After a mediocre showing at BLAST Premier Spring Showdown, the roster showcased its potential in Antwerp for the PGL Major by defeating Vitality, Cloud9, and FURIA for a spot in the top eight. NiP would come the closest to defeating the eventual champions, FaZe, recording a 1-2 loss in a tight series. Es3tag’s struggles meant the team would return to its usual placements, missing the playoffs at IEM Dallas, IEM Cologne, and the ESL Pro League S16. With the roster unable to break its slump in big events, another unexpected change took place: the Ninjas acquired Finnish IGL Aleksi "Aleksib" Virolainen, who G2 had benched in August after a disappointing Cologne campaign.
The former ENCE mastermind replaced Plopski in an attempt to capitalize on Hampus’ individual growth. REZ would also take on the “Big Green” for the Swedish organization, a switch that appeared forced even to the casual audience.
The change had no effect on the team’s performances, with NiP crashing out of the Rio Major following losses to fnatic, eventual champions Outsiders and Sprout. Post-tournament interviews highlighted a potential clash between Hampus’s loose calling style and Aleksib’s structure and protocols as a potential reason for the result while pointing the finger at minor communication issues.
Time seemed to help the Finnish IGL, with a top-four finish at the BLAST Premier Fall Final in November, including a convincing win over NaVi. However, with the team missing out on qualifying for the BLAST World Final, es3tag found himself removed from the active roster. On the 9th of January 2023, NiP announced the talented Daniil "headtr1ck" Valitov as his replacement, acquiring the NaVi Junior AWPer as G2 had done with Ilya "m0NESY" Osipov the previous year.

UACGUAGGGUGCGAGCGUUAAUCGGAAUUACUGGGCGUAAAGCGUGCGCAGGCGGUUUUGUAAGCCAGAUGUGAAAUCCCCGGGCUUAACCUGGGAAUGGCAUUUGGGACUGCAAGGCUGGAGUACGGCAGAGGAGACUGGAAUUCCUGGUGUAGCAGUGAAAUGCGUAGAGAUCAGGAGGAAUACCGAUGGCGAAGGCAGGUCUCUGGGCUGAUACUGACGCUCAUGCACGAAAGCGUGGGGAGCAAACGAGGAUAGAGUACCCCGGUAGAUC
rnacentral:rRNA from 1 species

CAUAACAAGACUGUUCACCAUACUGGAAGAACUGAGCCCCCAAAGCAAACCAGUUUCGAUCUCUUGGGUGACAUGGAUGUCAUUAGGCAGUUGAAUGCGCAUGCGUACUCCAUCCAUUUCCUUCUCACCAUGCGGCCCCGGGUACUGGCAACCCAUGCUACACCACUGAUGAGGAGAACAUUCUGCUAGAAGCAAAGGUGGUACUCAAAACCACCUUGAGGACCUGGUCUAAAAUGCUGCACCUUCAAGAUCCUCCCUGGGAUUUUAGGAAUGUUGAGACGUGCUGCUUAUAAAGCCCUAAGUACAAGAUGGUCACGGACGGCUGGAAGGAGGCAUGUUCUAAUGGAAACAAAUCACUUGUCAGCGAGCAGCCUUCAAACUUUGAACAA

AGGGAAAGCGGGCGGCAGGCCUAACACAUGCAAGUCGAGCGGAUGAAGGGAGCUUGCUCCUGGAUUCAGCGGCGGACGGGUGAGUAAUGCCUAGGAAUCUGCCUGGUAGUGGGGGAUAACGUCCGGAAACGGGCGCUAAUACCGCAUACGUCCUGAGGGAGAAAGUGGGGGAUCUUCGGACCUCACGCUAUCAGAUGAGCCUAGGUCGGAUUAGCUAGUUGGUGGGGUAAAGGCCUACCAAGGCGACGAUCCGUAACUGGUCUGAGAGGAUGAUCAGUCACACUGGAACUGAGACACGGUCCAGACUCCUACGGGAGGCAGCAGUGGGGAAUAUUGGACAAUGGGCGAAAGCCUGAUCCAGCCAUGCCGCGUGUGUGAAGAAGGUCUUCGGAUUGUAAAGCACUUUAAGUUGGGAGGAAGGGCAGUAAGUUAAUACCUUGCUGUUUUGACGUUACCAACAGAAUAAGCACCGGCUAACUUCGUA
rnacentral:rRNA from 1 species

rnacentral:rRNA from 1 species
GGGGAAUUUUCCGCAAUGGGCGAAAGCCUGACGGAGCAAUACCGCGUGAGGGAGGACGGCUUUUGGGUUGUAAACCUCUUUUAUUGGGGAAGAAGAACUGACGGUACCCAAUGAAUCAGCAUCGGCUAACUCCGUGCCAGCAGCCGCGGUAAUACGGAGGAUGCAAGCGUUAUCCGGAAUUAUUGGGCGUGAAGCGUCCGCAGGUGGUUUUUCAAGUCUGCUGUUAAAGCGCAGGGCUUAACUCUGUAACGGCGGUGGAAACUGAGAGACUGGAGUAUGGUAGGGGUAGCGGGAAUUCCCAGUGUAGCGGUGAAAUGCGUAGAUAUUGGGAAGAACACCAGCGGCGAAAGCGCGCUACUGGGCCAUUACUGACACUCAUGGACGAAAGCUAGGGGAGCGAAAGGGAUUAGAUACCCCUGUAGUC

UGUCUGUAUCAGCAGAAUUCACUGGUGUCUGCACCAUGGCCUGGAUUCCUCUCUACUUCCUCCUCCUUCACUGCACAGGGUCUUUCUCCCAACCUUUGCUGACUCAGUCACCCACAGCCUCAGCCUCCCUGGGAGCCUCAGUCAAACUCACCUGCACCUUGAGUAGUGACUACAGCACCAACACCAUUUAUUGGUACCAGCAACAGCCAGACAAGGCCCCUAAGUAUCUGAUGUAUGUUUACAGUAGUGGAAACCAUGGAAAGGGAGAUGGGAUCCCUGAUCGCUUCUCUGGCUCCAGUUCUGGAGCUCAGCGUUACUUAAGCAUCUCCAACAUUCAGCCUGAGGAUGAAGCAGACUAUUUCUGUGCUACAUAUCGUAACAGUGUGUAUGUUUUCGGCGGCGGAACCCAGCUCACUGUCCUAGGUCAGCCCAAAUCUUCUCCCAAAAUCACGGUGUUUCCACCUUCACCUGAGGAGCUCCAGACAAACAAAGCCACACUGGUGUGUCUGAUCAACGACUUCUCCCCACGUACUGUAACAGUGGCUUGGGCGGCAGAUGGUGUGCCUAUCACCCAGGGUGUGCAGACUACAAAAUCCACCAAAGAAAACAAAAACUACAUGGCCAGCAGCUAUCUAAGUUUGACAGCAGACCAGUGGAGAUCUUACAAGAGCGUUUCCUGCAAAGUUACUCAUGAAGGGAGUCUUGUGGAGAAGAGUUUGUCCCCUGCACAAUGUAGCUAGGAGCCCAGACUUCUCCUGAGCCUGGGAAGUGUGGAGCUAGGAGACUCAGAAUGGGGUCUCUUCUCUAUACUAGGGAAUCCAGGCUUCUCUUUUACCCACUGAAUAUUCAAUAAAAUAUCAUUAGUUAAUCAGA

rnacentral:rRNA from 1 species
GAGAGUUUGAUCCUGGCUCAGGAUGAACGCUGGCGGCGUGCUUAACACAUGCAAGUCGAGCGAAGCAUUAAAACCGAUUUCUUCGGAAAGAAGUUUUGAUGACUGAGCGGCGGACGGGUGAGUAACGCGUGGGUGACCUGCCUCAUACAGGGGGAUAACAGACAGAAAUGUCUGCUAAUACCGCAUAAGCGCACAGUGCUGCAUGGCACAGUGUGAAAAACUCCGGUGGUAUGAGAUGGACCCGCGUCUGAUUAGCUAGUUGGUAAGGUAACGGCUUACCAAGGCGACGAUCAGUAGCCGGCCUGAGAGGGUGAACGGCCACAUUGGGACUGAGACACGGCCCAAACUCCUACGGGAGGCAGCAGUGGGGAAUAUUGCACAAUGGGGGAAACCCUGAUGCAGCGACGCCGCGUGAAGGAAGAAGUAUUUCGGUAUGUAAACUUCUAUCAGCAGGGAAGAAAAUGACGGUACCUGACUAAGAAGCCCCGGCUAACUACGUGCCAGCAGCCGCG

2023: A new identity realized and clear goals in sight
The change is relevant first and foremost because it marks a clear commitment to an international roster, possibly an inevitable outcome considering the current state of Swedish CS:GO. Once the most prominent nation at the very top of the competitive scene, Sweden found itself without any real representative outside of NiP in high-level events for the first time in its history. Outside of an ill-advised return of William “draken” Sundin, the Ninjas had no choice but to look elsewhere.
On the other hand, headtr1ck’s signing also embodies the path the Ninjas have chosen to take since the tail end of 2020, one of youth and development. NiP’s management, although often at fault for confusing and opportunistic roster moves, has shown confidence in the potential of prospects with little to no competitive experience, who are expected to shine alongside established Tier-1 players. Where ztr and LNZ filling the gaps, felt more like a necessity than a choice, however, headtr1ck could realistically become another example of an academy talent proving themselves in a superior level of competition.
It’s hard to determine what the future holds for NiP, one of the most beloved brands in CS:GO history, which was capable of transcending its identity to try and reach new heights, as first represented by the signing of Aleksi “allu” Jalli in 2015. Striving to always emerge at the top of such a competitive and fast-changing industry is an extremely difficult endeavor, and NiP has never accepted wallowing in mediocrity.
The expectations for the Ninjas will always be the same: to build a roster capable of matching, if not recreating, the consistency shown at the highest level during the first years of Global Offensive. While it’s hard to anticipate NiP challenge for big titles right out of the gate, if heatr1ck can perform, the Aleksib-led roster has no evident weak link and may have all the necessary requirements to rediscover a long-lost winning culture.
Cover Image: NIP Logo - Black Copyright - Ninjas in Pyjamas